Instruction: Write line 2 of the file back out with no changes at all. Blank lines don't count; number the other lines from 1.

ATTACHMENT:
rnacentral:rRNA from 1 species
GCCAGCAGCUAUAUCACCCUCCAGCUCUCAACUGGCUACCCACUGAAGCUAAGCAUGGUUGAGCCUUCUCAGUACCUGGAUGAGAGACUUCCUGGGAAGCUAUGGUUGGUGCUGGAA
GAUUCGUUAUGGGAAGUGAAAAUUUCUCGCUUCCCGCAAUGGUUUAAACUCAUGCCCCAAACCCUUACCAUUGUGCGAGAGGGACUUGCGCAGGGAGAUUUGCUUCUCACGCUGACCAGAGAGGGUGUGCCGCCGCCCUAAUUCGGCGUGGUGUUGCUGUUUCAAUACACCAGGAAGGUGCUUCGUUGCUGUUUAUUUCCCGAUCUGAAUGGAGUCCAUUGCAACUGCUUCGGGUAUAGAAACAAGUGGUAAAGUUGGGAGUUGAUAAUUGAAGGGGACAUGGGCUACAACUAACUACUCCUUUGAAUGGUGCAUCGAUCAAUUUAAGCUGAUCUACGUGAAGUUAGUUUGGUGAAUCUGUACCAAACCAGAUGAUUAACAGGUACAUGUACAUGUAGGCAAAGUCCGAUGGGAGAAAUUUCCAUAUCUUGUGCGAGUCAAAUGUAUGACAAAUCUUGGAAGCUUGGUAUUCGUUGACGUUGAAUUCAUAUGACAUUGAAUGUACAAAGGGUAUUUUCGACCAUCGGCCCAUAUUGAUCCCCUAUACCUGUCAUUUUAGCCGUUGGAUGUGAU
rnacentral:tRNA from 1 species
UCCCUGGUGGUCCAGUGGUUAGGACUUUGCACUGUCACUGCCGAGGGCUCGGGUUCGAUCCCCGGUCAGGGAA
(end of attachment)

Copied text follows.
GCCAGCAGCUAUAUCACCCUCCAGCUCUCAACUGGCUACCCACUGAAGCUAAGCAUGGUUGAGCCUUCUCAGUACCUGGAUGAGAGACUUCCUGGGAAGCUAUGGUUGGUGCUGGAA